six word story no. 127

She lit a candle to Kali.

kali-15

Brought to you with fierce justice by Journaling as Sacred Practice: An Act of Extreme Bravery.  Available to Goddesses and Santas now on Amazon.

 

 

six word story no. 124

He kept the koi for conversation.

koi

Brought to you with scaly incandescence and deep truth by Journaling as Sacred Practice: An Act of Extreme Bravery.  Available for Crafty Santas now on Amazon.

birth of a book

We are super pleased to report that Green Tara Press has just released Journaling as Sacred Practice: An Act of Extreme Bravery, by award-winning author, Cynthia Gregory. Om, Ah, and well done!

Support the Arts::Buy the book

journaling

killer weekend

IN A DARK, DARK WOOD

::REVIEW::

dark dark

Ruth Ware’s debut novel, In a Dark, Dark Wood, possesses all the best elements of a thriller: a remote country estate, a bachelorette party, and a group of frenemies that really, really should have scrubbed their email lists and left each other well enough alone after those terrible school days. But then, where’s the pleasure in that?

The story is narrated by Nora, an author who specializes in crime thrillers. Back in school, she was called Lee, short for Leonora. Only one person ever called her Leo, and it was her first love, James.  But then he broke up with her. . .via text. . .and she moved on. Ten years later, Nora is mostly okay, writing novels and living a fine, urban single life.

Then one day out of the blue, she receives an invitation to an old friend’s wedding. Surprised, she feels a little sorry for Clare, thinking that maybe she has no other girls to invite, having to dredge back ten years for her bachelorette do. Nora is undecided about whether or not to attend the hen, but her invite is followed quickly by an email from Nina, who is also wary of Clare’s motives. “If you go, I will,” she says. Nora agrees and they somehow wind up traveling to the remote English countryside together.

Nina hates the country and misses her girlfriend, and Nora is straightway filled with dread by their accommodations: a modern glass box dropped unceremoniously in a meadow at the edge of a dark and menacing wood. The house belongs to Flo’s aunt and feels to Nora like a dangerous cage, though it is only a country estate, complete with a shotgun hung over the living room fireplace.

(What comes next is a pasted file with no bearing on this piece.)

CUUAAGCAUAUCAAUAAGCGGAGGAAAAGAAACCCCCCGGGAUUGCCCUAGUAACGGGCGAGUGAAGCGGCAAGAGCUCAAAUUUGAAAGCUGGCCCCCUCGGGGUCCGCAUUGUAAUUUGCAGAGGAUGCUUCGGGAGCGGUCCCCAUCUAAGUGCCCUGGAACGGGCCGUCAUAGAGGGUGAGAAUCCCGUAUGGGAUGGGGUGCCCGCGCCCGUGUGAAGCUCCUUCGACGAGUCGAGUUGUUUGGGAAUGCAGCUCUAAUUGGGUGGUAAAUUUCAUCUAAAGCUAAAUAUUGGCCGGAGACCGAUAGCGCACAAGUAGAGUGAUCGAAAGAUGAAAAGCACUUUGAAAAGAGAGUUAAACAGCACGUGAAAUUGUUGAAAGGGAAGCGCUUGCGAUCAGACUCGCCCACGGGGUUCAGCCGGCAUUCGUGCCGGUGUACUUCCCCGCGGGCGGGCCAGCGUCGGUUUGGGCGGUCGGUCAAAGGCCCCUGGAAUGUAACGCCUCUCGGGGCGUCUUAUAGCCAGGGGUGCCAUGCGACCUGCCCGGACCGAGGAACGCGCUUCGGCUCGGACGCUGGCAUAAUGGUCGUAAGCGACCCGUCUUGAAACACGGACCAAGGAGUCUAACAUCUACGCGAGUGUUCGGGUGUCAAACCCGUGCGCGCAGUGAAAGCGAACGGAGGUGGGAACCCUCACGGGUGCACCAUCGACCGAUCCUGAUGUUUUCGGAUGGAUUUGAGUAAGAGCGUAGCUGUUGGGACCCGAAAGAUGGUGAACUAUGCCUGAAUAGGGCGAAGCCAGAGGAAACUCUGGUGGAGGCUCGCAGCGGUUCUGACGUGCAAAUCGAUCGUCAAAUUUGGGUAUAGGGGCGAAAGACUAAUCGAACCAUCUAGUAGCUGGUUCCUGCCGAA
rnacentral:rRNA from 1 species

Miles from anywhere, cell reception is sketchy and the revelers are coolly irritable. When Clare announces to Nora that the reason she was invited to the hen and not the wedding is because the groom-to-be is the infamous James, the weekend really takes a turn. It doesn’t help that Flo’s hen party games involve embarrassing details about the bride and groom, shaming and humiliating Nora repeatedly. And then it snows. And then the land lines go out and the hen fete devolves into a churlish clutch of drunken, paranoid hostages. Fun!

When the phones go down, Melanie decides to bail, a welcome excuse to return home to her infant son. Flo is alternately weepy and aggressive toward anyone who isn’t into the spirit of the weekend. Tom would rather be home with his husband but stays on, drinking gin and taking well-aimed shots at Nina and Nora. Clare plays referee, keeping anyone from coming to actual blows.

After two days of slowly escalating hell, Nora wakes up in a hospital confused, horribly bruised, and under police watch. She is suspected of murder, but she can’t remember what happened. The harder she tries to recall, the more the truth evades her.

Novelist Ware has created a deft and ominous page turner in this fabulous thriller, replete with plot twists, red herrings, and a truly scary villain. If you’re still looking for provocative poolside reading to finish the summer, this novel should do nicely.

orange you glad

orange rugJournal THAT

a guide to writing

Cynthia Gregory

The beauty of the journaling process is that it can be simple or it can be complex in a way that reveals itself as a personal, daily, moment-by-moment choice. What enriches the journaling experience (if you’re willing), is variety, is texture.

Imagine eating the same salad every day of your life. You can argue that rich, leafy greens provide minerals and nutrients essential to optimum health. You can also argue that periodically a bowl of thick, smooth, mocha fudge ripple ice cream has the capacity to transport you to your happy place, to a time when summer afternoons sprawled under the shade of a leafy maple counting squirrels in the branches above was the most important assignment of the day. Variety. Texture. Sometimes the best you can do is bolt down a protein bar on the run. Other times, you want to immerse yourself in the sensual, primitive pleasure of a feast of market fresh produce, a plate of pasta cooked perfectly al dente and smothered in an aromatic sauce of eggplant and basil and roasted peppers.